Trust in the God Who Knows


Then the LORD said, “I have surely seen the affliction of my people who are in Egypt and have heard their cry because of their taskmasters. I know their sufferings (Ex 3:7 ESV, emphasis added)

Coty Pinckney:

God Knows

The final clause is the most important – and also the hardest to translate. English translators have struggled with this phrase, and have rendered it many different ways.

The NIV has “was concerned about them”, the NAU “took notice of them,” the KJV “had respect unto them.”  But all of these translations include considerable interpretation. The Hebrew is quite simple: it says “God knew.” The ESV chooses this simplest – yet ambiguous – translation.

In this context, what is it that God knows? What does the author of Exodus mean by this phrase? The NIV, NAU, and KJV translators evidently think the primary idea is that God knows the problems of the Israelites and is concerned about them. Surely this is part of the meaning, as is brought out a few verses later in 3:7. This verse is in many ways parallel to 2:24-25, using three of the four Hebrew verbs we consider today:

Then the LORD said, “I have surely seen the affliction of my people who are in Egypt and have heard their cry because of their taskmasters. I know their sufferings (Ex 3:7 ESV, emphasis added)

“I know their sufferings.” God knows their pain, their sorrow, their loss. And He cares.

But in this context the expression “God knew” means much more. Think: What else does God know that is relevant to the Israelites’ situation? What else does God know that is relevant to your own situation? Let me bring out 4 items in addition to their suffering that God knows:

1) God knows their present weakness. He knows that they can do nothing to help themselves. He knows that unless He acts, they are lost. As the Psalmist says,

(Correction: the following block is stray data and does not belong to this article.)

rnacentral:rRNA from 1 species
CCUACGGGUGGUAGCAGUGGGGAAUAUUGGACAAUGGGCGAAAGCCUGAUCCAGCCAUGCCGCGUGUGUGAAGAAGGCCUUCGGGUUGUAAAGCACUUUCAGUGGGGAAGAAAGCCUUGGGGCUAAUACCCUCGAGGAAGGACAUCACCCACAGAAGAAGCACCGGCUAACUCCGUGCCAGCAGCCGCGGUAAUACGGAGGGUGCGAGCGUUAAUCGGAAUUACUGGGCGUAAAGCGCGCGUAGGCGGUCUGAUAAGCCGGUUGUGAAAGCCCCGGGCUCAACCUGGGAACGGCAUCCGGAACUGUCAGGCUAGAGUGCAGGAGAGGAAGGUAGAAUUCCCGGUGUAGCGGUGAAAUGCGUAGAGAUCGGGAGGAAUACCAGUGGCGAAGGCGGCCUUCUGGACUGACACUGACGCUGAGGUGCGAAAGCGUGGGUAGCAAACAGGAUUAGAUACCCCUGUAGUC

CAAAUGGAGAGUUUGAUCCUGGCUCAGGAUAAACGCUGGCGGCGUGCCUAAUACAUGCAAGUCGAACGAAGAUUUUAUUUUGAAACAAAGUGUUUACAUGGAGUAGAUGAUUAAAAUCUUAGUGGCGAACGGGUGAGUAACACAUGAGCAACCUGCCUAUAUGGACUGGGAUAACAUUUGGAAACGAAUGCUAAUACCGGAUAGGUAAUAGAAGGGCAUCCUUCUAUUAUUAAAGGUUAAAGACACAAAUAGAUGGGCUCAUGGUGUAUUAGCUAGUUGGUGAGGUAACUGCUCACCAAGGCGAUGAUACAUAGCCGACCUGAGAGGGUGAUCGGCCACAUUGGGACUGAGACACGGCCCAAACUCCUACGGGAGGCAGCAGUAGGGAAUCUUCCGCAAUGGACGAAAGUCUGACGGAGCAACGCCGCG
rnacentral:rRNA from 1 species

For he knows our frame; he remembers that we are dust. (103:14)

Or as Jesus said to his disciples, “Apart from me you can do nothing.” (John 15:5)

2) God knows their future failures and sins. Remember how rebellious these very Israelites become. God will begin to put His plan into effect – and they will attack his servants for making matters worse (5:21). God rescues them with a series of great miracles – and yet as soon as they see the Egyptian army approaching, they wish they were back in slavery (14:11-12). After God rescues them once more through the Red Sea, they begin to thirst and hunger, so they grumble against God (16:1-7, 17:1-3). God takes them to Sinai and speaks the Ten Commandments to them, and the people respond, “All the words that the LORD has spoken we will do” (24:3). But just a few days later the people make an idol, a golden calf, and worship it. God Himself calls them a stiff-necked people, and is prepared to destroy them (32:1-10).

And those are only their failures that are recorded in the book of Exodus. We could continue to relate the history of the Israelites through the succeeding centuries and record event after event where they disregarded and disobeyed the God who loved them and brought them out of Egypt by His grace.

Did God make a mistake in choosing them? Did God think they would be better than they were? By no means! Our God “declares the end from the beginning” (Is 46:10), and He knows our hearts. He knows our future acts and decisions, including all our sins – yet He still calls us by name to Himself.